Laïcité | Governmental secularism

Remember that at that time you were separate from Christ, excluded from citizenship in Israel and foreigners to the covenants of the promise, without hope and without God in the world.

Ephesians 2:12 (NIV)

Laïcité, or secularism, has its roots in the 18th century enlightenment. It was originally signed into law in 1905 by France's Third Republic in Article 1 of the French Constitution which guarantees freedom of conscience. This idea was further defined by the Fifth (the current) Republic which states that this "assures the equality of all citizens before the law, without distinction to their origin, race or religion. It respects all religious beliefs." However, in Article 2 it states that "the Republic does not recognize, compensate or subsidize any religion." This second article often overshadows Article 1, which states that there is State neutrality with regard to religion.

On a personal level, faith is seen as a private matter. The State is a "no God" zone, and State employees are expected to remain neutral, with no religious symbolism displayed while on the job. For many people, faith is seen as something that needs to be kept to yourself. Blatant outreaches and proselytizing are seen in a negative light, and can even be against the law in many cases. In fact, our French friends told us about an experience they had recently where having a Christian baptism ceremony at a lake was seen so negatively that the police were called at least twice during the event. While it wasn't illegal, outward, expressive Christian practices can have an extremely negative effect on the community instead of a positive one.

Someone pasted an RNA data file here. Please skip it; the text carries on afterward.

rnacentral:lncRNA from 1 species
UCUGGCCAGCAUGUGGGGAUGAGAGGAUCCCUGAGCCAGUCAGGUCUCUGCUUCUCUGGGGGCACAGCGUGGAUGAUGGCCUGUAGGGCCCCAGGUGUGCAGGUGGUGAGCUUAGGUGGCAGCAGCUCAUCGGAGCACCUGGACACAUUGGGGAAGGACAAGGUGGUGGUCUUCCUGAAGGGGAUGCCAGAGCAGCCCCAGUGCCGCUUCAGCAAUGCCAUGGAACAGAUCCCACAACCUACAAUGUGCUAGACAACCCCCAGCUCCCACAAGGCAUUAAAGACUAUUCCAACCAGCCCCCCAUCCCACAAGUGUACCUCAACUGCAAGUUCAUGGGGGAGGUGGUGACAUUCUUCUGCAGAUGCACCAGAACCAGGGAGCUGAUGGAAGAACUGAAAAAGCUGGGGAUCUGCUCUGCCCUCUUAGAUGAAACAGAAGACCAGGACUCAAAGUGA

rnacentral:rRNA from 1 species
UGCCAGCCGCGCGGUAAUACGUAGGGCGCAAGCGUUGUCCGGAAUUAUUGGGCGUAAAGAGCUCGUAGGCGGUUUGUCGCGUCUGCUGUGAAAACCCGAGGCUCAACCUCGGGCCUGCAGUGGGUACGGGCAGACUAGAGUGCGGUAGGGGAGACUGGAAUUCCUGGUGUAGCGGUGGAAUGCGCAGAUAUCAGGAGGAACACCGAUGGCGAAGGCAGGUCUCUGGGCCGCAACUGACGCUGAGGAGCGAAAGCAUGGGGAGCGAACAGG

Since the school system is run by the national government, the secularist directives are found there as well. Within the classroom there are strict rules against religious teaching and endorsement. Any visible symbol or indication of religion by anyone, students included, is seen as disrupting the neutrality and equilibrium of the secular learning environment. This includes head coverings for Muslims, Sikhs, and other faiths; large religious jewelry such as crosses or crucifixes; or any garment with a religious message on it, such as t-shirts or jackets with religious iconography. For actual topics in class, anything overtly religious is not allowed and any religious topics can only be studied through the lens of history.

Laïcité in practice

While the idea of Laïcité sounds noble and fair, it should mean that the government treats all religions equally and fairly and doesn't discriminate against anyone based on their religious background. The reality, however, is that it has become something of a religion in itself, used to fight back against minorities and religions that are disliked by those in power. An example of this can be seen in the current discrimination against Muslim immigrants.

The visibility and pressure of the Muslim community in France has caused many hardline atheists to come out and push against the religion citing Laïcité as their reasoning for oppressing and discriminating against these Muslims. As a result, the effort seems to be having the opposite effect than what is desired. Instead of reducing and removing the power of the Muslim community and encouraging them to integrate into French society, they have become more insulated and the anger against the discrimination has caused an increase of radicalization among Muslim youths.



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